Exhibited at the 1853 Salon, Chassériau's painting was very well received by critics, to the point that the State bought it shortly after the opening. Considered a pearl of the French school, the painting entered the Musée du Luxembourg in 1856. This scene aroused enthusiasm: these ancient, indolent and lascivious beauties in the abandonment of their intimacy proposed to the glances luxury and voluptuousness in a decor evoking at the same time the fascination for Pompeii and the softness of the baths of North Africa. At the borders of the history painting and the genre scene, Chassériau, a pupil of Ingres, also treated beautiful female nudes.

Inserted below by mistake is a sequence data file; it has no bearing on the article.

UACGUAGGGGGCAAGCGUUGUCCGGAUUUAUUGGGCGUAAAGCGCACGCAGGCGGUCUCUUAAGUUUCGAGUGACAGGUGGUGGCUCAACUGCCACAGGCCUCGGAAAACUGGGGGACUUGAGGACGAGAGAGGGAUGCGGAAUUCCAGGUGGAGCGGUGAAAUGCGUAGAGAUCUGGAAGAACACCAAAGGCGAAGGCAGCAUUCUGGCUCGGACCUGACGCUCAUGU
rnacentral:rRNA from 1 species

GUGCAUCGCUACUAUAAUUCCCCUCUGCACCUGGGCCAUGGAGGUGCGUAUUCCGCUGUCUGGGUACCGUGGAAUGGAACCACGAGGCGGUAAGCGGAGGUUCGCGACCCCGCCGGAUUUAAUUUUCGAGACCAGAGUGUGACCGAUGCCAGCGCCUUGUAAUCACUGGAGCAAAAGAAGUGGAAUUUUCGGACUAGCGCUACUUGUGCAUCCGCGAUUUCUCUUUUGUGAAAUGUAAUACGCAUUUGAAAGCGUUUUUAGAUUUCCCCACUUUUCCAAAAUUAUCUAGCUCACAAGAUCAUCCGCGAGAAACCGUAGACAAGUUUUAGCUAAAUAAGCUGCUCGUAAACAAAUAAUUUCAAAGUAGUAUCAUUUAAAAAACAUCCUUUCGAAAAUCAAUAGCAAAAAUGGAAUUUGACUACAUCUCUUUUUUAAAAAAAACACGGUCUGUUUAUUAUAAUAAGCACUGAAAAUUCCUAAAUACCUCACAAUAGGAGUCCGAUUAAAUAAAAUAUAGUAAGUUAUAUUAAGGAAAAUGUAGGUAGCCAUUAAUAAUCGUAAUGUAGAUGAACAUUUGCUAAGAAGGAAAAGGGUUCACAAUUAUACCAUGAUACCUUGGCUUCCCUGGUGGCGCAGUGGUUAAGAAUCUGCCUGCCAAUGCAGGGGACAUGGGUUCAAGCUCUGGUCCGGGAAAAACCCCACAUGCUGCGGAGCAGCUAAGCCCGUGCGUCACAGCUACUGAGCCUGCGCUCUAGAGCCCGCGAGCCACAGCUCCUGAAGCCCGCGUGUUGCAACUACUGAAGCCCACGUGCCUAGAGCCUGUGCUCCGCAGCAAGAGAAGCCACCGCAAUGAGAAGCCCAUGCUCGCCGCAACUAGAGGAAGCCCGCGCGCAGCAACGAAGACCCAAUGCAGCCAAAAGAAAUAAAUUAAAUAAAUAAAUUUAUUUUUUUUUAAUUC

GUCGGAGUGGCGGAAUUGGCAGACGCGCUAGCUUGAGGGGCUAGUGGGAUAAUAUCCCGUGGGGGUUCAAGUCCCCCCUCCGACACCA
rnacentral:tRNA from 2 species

The acknowledged success of the Tepidarium explains why Charles-Théodore Deblois, a student of the great engraver Louis-Pierre Henriquel-Dupont, produced this interpretation engraving for Chalcographie in 1902. It seemed important in the 19th century that the masterpieces of French painting could be known to everyone: printmaking made it possible for the greatest number of amateurs and collectors to distribute them at a lower cost.
All the art of engraving was to succeed in suggesting the play of draperies, the harmonious modeling of the bodies and the velvety hair by simple grooves engraved parallel, criss-crossed, supple or straight, light or deep to give this soft range of blacks and whites.
Height: 50 cm
Width: 65 cm
Origin: 1819. Paris, Louvre Museum
Artist: Théodore Chassériau, 1819-1856
Engraver: Charles-Théodore Deblois, 1851-1910
Provenance: Second Empire (1851-1870) - Order of the First Empire. Gift of the Imperial Library in 1866. Gift of the Imperial Library in 1866
Engraving date: 1902
Technique: etching and chiselling
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